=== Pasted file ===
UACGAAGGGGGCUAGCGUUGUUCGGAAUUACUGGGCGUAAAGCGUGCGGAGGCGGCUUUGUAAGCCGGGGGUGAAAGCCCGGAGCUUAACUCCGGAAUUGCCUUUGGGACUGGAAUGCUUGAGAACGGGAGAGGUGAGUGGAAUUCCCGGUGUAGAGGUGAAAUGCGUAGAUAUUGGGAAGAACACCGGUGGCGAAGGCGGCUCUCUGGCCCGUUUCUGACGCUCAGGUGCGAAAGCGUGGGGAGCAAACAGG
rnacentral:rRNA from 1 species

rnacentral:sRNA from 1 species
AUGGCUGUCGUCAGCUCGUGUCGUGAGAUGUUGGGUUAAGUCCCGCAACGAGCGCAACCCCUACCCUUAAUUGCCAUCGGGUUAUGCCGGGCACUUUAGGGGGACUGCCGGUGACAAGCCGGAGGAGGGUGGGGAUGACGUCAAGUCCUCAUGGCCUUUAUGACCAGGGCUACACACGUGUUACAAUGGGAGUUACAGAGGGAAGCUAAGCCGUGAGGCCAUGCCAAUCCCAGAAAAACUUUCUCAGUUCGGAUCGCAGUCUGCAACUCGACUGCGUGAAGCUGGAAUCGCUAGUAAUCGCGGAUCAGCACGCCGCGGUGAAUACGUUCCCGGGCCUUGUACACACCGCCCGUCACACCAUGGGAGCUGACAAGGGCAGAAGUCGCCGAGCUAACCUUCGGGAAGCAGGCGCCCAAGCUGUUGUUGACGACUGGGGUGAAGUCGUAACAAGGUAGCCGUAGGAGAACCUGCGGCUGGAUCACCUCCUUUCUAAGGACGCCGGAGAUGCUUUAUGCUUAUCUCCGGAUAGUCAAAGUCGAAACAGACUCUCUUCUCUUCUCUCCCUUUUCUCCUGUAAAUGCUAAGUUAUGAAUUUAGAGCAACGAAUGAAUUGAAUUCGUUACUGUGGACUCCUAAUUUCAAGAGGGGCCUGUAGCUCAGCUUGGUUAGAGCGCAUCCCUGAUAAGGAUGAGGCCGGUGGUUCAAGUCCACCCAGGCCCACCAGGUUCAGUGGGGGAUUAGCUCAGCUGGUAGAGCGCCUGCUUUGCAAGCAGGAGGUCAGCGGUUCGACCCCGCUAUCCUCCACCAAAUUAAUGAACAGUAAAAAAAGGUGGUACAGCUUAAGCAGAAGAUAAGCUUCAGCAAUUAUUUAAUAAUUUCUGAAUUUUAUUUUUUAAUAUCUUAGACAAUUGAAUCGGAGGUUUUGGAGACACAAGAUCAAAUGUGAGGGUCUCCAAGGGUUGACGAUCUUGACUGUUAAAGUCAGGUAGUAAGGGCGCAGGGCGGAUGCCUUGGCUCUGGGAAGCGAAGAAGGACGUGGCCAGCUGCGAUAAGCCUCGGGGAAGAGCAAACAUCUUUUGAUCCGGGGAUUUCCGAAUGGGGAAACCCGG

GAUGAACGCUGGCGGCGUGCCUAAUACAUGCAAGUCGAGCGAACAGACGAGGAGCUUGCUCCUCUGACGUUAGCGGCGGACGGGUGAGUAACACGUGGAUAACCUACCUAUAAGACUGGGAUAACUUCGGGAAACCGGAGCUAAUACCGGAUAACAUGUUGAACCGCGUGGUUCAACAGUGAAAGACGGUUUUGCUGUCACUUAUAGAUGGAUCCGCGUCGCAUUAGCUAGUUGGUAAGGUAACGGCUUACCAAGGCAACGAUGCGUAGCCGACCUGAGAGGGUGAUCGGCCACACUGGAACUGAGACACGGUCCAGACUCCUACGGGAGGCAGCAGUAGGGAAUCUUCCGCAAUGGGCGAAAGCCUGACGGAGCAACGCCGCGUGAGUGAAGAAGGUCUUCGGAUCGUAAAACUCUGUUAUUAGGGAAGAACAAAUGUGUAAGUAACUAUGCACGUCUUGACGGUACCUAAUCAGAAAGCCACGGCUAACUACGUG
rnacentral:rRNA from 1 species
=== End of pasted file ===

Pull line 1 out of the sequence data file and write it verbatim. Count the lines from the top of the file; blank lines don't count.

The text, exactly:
UACGAAGGGGGCUAGCGUUGUUCGGAAUUACUGGGCGUAAAGCGUGCGGAGGCGGCUUUGUAAGCCGGGGGUGAAAGCCCGGAGCUUAACUCCGGAAUUGCCUUUGGGACUGGAAUGCUUGAGAACGGGAGAGGUGAGUGGAAUUCCCGGUGUAGAGGUGAAAUGCGUAGAUAUUGGGAAGAACACCGGUGGCGAAGGCGGCUCUCUGGCCCGUUUCUGACGCUCAGGUGCGAAAGCGUGGGGAGCAAACAGG